When the context is a job interview, this column's title is a no-brainer. But many tried-and-true tenets of interview behavior are just as valid for other, far less formal situations.
Recently I attended a networking event where I met several new people, a few of whom worked within different wings of an organization I wished to learn more about. When I asked, one quickly launched into a description so brutally frank that it could be fairly labeled a "jeremiad."
"Dysfunctional" was one of the first words out of her mouth. An uncaring, tyrannical supervisor who expected his underlings to imitate both his workaholism and his particular way of performing certain tasks. A culture where co-workers never converse or leave the office together during work hours. Yada, yada, yada.
I wasn't surprised to learn she had been a human services professional in a former life.
Blabbing About Colleagues
Without prompting, this person disclosed the colleague sitting next to her had been "fired" from an immediate past job, although quickly hired by an affiliate. They both appeared to feel the initial employer's management style and reputation was such that getting fired was a badge of honor. Still, it struck me as odd for them to serve up sensitive information to a new acquaintance whose attitudes might well differ from their own. I've noticed, though, that people who have clinical training often seem distinctly uncomfortable with the idea that a normal, healthy person could see life differently than they do.
I wasn't the only participant taken aback. An ex-colleague of theirs seated nearby, who'd been poached by a well-known firm some time ago, overheard my conversation partner sum up his motivation for leaving as, "he couldn't take the abuse." The former colleague replied, "That's not true. I left because my current employer offered more money," and went on to say neither the long hours nor the boss's gruff style had posed a problem for him.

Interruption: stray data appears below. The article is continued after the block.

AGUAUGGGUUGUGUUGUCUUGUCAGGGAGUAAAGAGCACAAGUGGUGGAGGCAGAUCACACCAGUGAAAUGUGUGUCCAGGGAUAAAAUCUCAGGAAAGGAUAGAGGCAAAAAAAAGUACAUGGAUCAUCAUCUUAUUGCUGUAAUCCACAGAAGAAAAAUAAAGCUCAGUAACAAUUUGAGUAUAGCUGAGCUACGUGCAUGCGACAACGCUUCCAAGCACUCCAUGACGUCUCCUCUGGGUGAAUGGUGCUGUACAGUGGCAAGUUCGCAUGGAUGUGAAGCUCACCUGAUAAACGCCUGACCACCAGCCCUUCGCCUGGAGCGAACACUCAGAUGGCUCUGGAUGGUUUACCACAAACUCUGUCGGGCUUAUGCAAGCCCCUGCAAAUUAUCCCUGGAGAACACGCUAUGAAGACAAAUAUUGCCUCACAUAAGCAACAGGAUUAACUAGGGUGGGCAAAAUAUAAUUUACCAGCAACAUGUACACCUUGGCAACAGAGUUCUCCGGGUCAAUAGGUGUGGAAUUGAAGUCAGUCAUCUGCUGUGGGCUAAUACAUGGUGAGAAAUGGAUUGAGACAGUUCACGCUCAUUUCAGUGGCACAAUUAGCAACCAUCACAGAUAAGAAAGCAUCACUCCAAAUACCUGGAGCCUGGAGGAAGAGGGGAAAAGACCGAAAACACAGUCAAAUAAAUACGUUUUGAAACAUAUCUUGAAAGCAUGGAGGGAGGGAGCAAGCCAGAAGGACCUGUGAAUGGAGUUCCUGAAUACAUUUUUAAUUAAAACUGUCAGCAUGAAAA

My takeaway from the evening: the gap between appropriate behavior in different types of work-related settings might be narrower than you think. No matter how informal the setting, it's smart to weigh your words.
Loose Talk Reflects Mostly on You
We've all heard "don't bad-mouth your current or past employer" is an ironclad rule for job interviews. Why? Because such talk often reveals less about the employer than it reveals about us. Besides hinting at poor etiquette in general, venting in any professional setting may betray a problem with self-control. A disinterested observer might also interpret it as sour grapes flung by a less-successful employee whose output or work ethic was held in low regard by their supervisor or co-workers. Such perceptions can do harm, regardless of merit.
All of this applies whether the conversation's primary purpose is business - in a job interview, say, or any workplace interaction or external meeting - or social. Wherever you are, your statements and behavior will reflect on your character, and perhaps that of your employer. That's why professional disciplinary codes typically punish certain behaviors outside of work: someone who abuses drugs or commits a felony, for instance, brings dishonor on the entire profession. While the sorts of faux pas we're discussing here are far less serious, the principle is the same.
Now for my "glass houses" paragraph or, as it's called in our business, full disclosure: Under the circumstances, my own response was hardly a model of decorum. In the end I could not resist reacting - perhaps too frankly - to what I had heard. And while voicing my judgment about the wisdom of anyone publicly passing judgment on their employer, I made a remark that could be (and promptly was) misconstrued.
In the final analysis, the road map for job interviews may be useful for navigating a wide range of work-related gatherings, informal as well as formal. I don't mean you must always keep your true thoughts and feelings to yourself, as you would in an interview. What I am saying is, strong opinions about your employer and personal revelations about yourself or colleagues ("she was fired"), are best kept under wraps until you know enough to reasonably predict how your audience might react.
Originally published June 20, 2008.